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Jenny Weinstock

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jenny weinstock

Another Twist: Coping With Pulmonary Edema

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The next morning I started feeling terrible, and that feeling of breathlessness came back, and got worse and worse as the day progressed. By late morning the only way I could breathe was by leaning all the way forward. I felt like I was suffocating in every other position, especially lying flat. When I coughed up blood in the late morning, everyone freaked out, fearing a pulmonary embolism (blood clot in the lungs), which could be deadly.

What seemed like hundreds of doctors and nurses started coming in and out of my room, listening to my lungs and doing ultrasounds of my heart. In addition to not being able to breathe, I was starting to feel extremely anxious. I started dreading nursing because I wasn't able to lean forward enough to be able to breathe when I was doing it, which made me incredibly sad. All I could think about was that I wanted to go home, feeling like if we just pretended all of this wasn't happening, it wouldn't be. Stupid denial.

Finally, they decided to send me for a CT scan. My husband wheeled me downstairs with my oxygen tank to a dark, busy basement where a nasty technician told me to sign a waiver for the toxic dye they'd be giving me before the scan. It said on the form that I wouldn't be able to breastfeed for 24 hours, and I got really upset, fighting tears. I knew that having to take 24 hours off of nursing this early could be detrimental to our success, and I was really upset at how little the CT tech seemed to care (irrational, but I was kind of a wreck by that point). We called up to the postpartum floor and were told that they have to say that you can't breastfeed, but you really can, and that it was crucial that I have the scan. I reluctantly signed the form and went into the room.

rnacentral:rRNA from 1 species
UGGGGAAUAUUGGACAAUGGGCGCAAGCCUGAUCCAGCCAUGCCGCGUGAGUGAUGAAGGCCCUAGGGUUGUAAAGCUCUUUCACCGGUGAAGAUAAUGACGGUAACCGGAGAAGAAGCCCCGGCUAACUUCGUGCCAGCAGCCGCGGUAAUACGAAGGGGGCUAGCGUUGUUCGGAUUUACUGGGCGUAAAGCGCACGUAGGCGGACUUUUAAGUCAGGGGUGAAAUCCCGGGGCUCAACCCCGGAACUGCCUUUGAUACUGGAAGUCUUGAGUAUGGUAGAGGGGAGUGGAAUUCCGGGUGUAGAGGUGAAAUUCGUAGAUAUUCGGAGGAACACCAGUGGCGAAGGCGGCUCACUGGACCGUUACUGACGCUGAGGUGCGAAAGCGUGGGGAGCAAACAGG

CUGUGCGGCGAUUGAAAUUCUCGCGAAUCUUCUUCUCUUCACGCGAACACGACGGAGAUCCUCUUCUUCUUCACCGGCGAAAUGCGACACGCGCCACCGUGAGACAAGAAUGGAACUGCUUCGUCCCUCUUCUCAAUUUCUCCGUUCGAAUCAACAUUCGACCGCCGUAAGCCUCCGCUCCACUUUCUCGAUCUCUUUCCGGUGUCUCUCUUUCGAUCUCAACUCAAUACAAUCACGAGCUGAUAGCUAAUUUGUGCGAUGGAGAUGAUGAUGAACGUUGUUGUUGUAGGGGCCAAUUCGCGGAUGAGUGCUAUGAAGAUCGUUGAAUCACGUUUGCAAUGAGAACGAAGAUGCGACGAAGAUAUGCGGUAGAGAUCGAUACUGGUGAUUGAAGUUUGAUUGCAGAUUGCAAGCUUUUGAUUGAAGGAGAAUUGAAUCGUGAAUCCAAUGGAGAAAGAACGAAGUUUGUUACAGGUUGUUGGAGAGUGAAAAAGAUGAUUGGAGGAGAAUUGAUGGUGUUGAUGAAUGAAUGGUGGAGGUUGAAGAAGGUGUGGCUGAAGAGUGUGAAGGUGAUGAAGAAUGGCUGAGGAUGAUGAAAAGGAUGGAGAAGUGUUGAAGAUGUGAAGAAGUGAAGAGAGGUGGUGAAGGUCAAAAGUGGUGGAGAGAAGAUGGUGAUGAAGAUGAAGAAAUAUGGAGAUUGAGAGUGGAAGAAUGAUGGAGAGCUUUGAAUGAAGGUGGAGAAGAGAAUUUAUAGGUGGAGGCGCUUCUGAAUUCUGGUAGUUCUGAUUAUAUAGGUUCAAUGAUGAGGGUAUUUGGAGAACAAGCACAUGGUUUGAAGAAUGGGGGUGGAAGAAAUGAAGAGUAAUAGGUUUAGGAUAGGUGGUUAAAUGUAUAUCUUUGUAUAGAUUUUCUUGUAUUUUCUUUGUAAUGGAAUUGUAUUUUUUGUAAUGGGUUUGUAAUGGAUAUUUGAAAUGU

When I saw that the only way to have the scan was to lie flat on my back for up to four minutes, I panicked again. I tried it twice, but each time I laid flat I would start gasping for air immediately, unable to breathe at all. It was terrifying, and there was absolutely no way for me to do it.

My husband wheeled me out into the hospital's beautiful atrium, and I remember looking around at all of the people and feeling so incredibly afraid and alone. I've been extremely lucky to have never had any real health problems of any kind besides infertility, and suddenly I knew what it was like to fear for your life. I missed my baby and wanted to go upstairs and pretend this wasn't happening. It felt so unfair that I had waited so long for a baby, and now I couldn't be with him and possibly wouldn't even make it at all.

We went back upstairs to talk to the doctors about what to do next. They tried to convince me to do the CT scan, but it really didn't seem possible. I started thinking about trying it again because I knew I had to, but it felt like voluntarily drowning myself. They gave me an Ativan (anti-anxiety medication) for what was starting to feel like a panic attack, no doubt exacerbated by the lack of oxygen in my blood. That helped but also made me a bit loopy, which at that point was probably a good thing as I had really become an anxious wreck.

Finally, one of the head pulmonologists came in and listened to my lungs (probably the 15th person that day to do so). He heard a faint crackling, the telltale sign of pulmonary edema (fluid in the lungs), which no one else had heard. They gave me Lovenox to break up any clots, just in case there was an embolism as well, and immediately sent me to the ICU, where I was given diuretics. I eventually passed five liters of fluid in about three hours.

That night when the Ativan wore off I suddenly became more aware of my surroundings. My parents and husband were there with me in the ICU, and everyone was staring at me, looking really worried. I started feeling like I could breathe again and could even lie back in bed a bit. They wheeled my baby up in an Isolette so I could nurse him, which was wonderful, and things started to seem hopeful again. Since getting rid of all of that fluid had let me breathe again, it was determined that it was definitely edema. Pulmonary edema can be a side effect of preeclampsia, but could also have been brought on by a combination of the Pitocin, the magnesium, and the saline drip I had been on for several days.

I stayed at the hospital for one more night after the night in the ICU, back in the postpartum ward, but this time in a private room. Apparently one of the nurses had pulled strings to get me one since I had gotten so sick and had had a terrible roommate the other night I was there.

The last night we were there The Wizard of Oz was on TV, and my husband and I cuddled up with our little guy and watched it in the dark. Pretty cheesy, but "there's no place like home" took on a whole new meaning to me after the experience I had just had.

The next morning we left, a family of three. We stepped outside in the sunshine with our new baby, and I felt so very lucky. I finally, finally have my baby!

Read more about preeclampsia during pregnancy.

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